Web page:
Cyclists demonstrate against CPS and driver apathy
photo The driver of the lorry that killed a cyclist in Greenwich in May 2009 has never come forward
Around 30 London cyclists, including representatives from LCC, assembled and then handed in a statement of protest (see below) at the Crown Prosecution Service, 50 Ludgate Hill, London, on Friday 3 July 2009.
The protestors were objecting to the lax treatment of motorists who kill vulnerable road users.
Charlie Lloyd, LCC cycling development officer, said at the protest, "It's essential that drivers involved in fatal crashes are made to account for their actions fully in court. Too often families are left with no understanding of how the victim died or why drivers escape prosecution.
"Causing death by careless driving is a new offence which should be used in every case. All road users must be made aware of their duty of care to avoid causing death or injury."
The 3rd July was the first anniversary of the death of Berkshire cyclist Anthony Maynard, who was run over from behind in 2008 by a van driver who claimed in his defence that he didn't see Anthony. Another cyclist was seriously injured in the incident.
Reading Crown Prosecution Service decided not to prosecute the driver, prompting Reading Cycling Club, of which the two cyclists were members, to organise a demonstration outside Reading CPS on the anniversary of the collision.
The London protest was to show solidarity with the Reading cyclists and to highlight the importance.
We are cyclists of London, gathered here this afternoon, in a quiet protest and short vigil in memory of all our fellow cyclists killed by the drivers of vehicles; several more during this year already.
In particular we think of Eilidh Cairns, 30, who was killed at Notting Hill Gate by a tipper lorry driver on 5th February this year, and of Anthony Maynard, 25, who was killed north of Henley by a van driver exactly a year ago.
We make our protest here at the London Crown Prosecution Service (CPS), to remind Ms Dru Sharpling, Chief Crown Prosecutor, of the decision of her colleagues at Reading CPS, when last year they inappropriately, remissly, and to our minds unforgivably, ordered that the van driver who struck Anthony (and his companion) from behind would not face charges. We do not hold Anthony’s life so cheap.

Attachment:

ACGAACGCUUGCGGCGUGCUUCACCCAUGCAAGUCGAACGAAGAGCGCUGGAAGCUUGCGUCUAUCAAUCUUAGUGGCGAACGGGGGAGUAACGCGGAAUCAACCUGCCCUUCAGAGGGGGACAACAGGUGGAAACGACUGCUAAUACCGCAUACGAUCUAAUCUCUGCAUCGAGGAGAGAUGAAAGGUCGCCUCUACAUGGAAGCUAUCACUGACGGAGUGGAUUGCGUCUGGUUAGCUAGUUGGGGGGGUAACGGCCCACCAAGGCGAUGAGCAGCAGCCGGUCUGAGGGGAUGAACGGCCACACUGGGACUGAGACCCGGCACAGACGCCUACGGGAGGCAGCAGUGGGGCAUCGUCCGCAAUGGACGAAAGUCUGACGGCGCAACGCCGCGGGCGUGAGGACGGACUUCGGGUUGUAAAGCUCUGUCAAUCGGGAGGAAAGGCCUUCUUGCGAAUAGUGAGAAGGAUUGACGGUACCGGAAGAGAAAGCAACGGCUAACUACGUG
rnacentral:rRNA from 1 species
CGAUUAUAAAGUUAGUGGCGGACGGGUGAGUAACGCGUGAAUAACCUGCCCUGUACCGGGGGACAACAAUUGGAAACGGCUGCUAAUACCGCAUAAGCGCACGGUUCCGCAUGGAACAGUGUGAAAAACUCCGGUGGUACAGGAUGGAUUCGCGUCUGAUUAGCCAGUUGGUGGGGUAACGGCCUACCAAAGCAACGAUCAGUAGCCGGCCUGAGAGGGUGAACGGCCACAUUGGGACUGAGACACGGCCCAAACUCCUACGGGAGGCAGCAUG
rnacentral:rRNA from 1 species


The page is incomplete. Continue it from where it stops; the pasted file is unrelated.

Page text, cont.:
You, the CPS at London, will shortly be reviewing the case of Eilidh Cairns who was also hit from behind on a one-way straight road.
Our protest is on behalf of all cyclists.
Across Europe, motorists are presumed to be at fault in motorist-cyclist collisions. In the UK, even faced with prime evidence of a dead body, a driver does not have to prove his innocence. Instead, the CPS decides whether charges can successfully be brought against the motorist, and can then choose to drop a case entirely.
In Anthony’s case (and as is claimed in Eilidh’s case, and in the cases of many others) the van driver’s defence that he simply didn't see the cyclists was accepted by the CPS as an adequate accounting for the death of a highly principled and well-loved citizen in the prime of his life.
In a time when the nation as a whole is encouraged to exercise, and use forms of transport other than the car, and when climate change is seen as a real threat, cyclists need to feel that they have the full and equal protection of the law when on public roads, and not a law apparently interpreted (or simply set aside) to the maximum advantage of the driver, no matter how culpably careless.
The CPS was in dereliction of its duty last year. We fervently hope that it will adopt a different perspective, starting with the forthcoming case of Eilidh. Allowing drivers to kill with complete impunity just will not do, and does not meet the nation’s needs and priorities.
We append a quotation from Christopher G Thompson, District Crown Prosecutor (Oxford Rural) in a letter sent by him to one of the Reading Cycling Club committee who had written deploring this failure to prosecute (dated 16 March 2009):
“The fact that no prosecution has followed in this case does not in any way mean or suggest that drivers may drive carelessly around cyclists or that cyclists will not be afforded the protection of the law where appropriate.”
In what must have been a considered letter, the phrase affording cyclists the protection of the law “where appropriate” is chilling: NO! We demand the protection of the law. Full stop.